A Palo Alto, CA-based firm called Armis, which launched Tuesday, is focusing on increasing visibility and cutting issues introduced by Internet of Things (IoT) devices.
There are 8.4 billion connected things in use worldwide this year, which will number 20.4 billion by 2020, according to Gartner. This fast growing, dynamic ecosystem of everything from smartphones to webcams and keyboards presents a complex security challenge. In early deployments Armis has shown businesses are unaware of 40 percent of the devices in their environment. They have limited visibility into which devices are accessing their networks, which exposes them to botnet attacks, network breaches, ransomware, and data loss.
Armis wants to address this problem with an agentless IoT security platform that allows enterprises to see and control all the devices and networks used to access their systems.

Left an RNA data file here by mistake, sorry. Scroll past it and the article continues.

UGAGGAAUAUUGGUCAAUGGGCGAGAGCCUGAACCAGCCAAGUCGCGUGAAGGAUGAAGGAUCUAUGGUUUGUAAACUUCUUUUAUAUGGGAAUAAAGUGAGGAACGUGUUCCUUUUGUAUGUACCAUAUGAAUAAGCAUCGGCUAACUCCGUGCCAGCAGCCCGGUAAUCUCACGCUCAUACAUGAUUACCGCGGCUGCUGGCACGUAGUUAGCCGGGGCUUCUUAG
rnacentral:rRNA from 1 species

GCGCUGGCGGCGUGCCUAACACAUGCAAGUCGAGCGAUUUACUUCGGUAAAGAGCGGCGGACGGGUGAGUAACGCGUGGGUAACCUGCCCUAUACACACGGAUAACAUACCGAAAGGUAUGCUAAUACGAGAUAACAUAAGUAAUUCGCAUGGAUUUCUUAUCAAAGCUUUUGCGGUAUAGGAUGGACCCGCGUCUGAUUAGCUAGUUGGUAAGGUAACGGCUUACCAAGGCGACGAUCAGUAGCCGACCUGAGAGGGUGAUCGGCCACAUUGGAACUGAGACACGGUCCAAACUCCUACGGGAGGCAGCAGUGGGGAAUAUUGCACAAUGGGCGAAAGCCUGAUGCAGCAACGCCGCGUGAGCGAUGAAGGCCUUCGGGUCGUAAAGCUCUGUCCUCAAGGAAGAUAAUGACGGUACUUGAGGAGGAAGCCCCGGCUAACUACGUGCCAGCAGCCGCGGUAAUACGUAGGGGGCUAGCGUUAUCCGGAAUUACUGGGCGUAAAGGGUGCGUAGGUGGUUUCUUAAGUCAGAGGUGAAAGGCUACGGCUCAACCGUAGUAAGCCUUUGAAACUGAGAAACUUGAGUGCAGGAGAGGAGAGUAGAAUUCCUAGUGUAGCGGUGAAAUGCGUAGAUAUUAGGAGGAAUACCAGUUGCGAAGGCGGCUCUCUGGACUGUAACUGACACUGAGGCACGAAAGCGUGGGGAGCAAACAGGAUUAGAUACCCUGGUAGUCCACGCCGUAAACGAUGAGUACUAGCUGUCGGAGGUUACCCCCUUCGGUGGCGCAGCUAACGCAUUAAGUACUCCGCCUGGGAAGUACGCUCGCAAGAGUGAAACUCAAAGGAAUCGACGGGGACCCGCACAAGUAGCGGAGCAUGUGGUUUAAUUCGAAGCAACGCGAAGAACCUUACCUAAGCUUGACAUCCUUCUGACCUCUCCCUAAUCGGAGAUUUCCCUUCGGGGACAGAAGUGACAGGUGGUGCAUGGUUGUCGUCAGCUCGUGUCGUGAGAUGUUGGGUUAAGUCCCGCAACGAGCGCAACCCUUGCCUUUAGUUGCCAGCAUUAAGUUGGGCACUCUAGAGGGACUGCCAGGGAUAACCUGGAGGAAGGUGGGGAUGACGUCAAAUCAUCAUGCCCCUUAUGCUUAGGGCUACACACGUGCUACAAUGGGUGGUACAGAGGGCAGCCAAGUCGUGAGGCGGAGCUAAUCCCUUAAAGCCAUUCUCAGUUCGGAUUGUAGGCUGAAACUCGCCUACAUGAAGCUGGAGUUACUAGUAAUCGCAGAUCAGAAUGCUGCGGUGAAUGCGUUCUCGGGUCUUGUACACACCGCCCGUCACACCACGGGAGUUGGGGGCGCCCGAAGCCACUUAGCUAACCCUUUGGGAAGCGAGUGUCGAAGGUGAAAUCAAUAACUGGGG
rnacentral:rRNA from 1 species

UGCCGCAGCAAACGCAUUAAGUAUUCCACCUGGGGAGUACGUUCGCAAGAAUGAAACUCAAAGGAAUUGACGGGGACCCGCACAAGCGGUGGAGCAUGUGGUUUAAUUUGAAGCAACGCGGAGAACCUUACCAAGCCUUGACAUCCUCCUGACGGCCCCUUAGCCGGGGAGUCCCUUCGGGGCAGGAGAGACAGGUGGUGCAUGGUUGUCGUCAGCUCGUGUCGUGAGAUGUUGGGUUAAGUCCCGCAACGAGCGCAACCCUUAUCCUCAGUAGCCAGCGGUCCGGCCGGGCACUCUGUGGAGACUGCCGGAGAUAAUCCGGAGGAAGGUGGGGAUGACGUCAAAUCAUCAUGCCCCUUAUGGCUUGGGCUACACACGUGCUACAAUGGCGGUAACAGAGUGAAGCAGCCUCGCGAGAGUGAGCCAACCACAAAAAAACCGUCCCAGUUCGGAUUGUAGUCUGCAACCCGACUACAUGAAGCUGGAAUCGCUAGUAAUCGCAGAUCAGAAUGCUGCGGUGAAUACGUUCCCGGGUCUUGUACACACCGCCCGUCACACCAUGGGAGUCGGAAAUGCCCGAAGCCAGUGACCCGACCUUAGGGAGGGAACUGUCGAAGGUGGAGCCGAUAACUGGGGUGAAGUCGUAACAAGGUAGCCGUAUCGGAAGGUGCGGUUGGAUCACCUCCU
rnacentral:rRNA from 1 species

Founded in late 2015, Armis emerged from stealth with $17 million in funding from Sequoia Capital and Tenaya Capital. Other investors include Zohar Zisapel, founder and chairman of RAD Technologies, René Bonvanie, CMO of Palo Alto Networks, and Mickey Boodaei, founder of Imperva and Trusteer.
Armis has its roots in Israel, where its founders, CEO Yevgeny Dibrov and CTO Nadir Izrael, served in Unit 8200 of the Israeli Defense Forces. Dibrov was on the executive team at Adallom, a cloud security startup acquired by Microsoft in 2015. Armis is headquartered in Palo Alto, but also has an office in Tel Aviv.
“Enterprise security has a huge blind spot,” Dibrov said. “The recent botnet attacks like Mirai, Hajime, and Persirai show how new IoT devices are being exploited and attacked. The fact is you cannot put an agent on most of the devices in an organization today, which means we need a new approach.”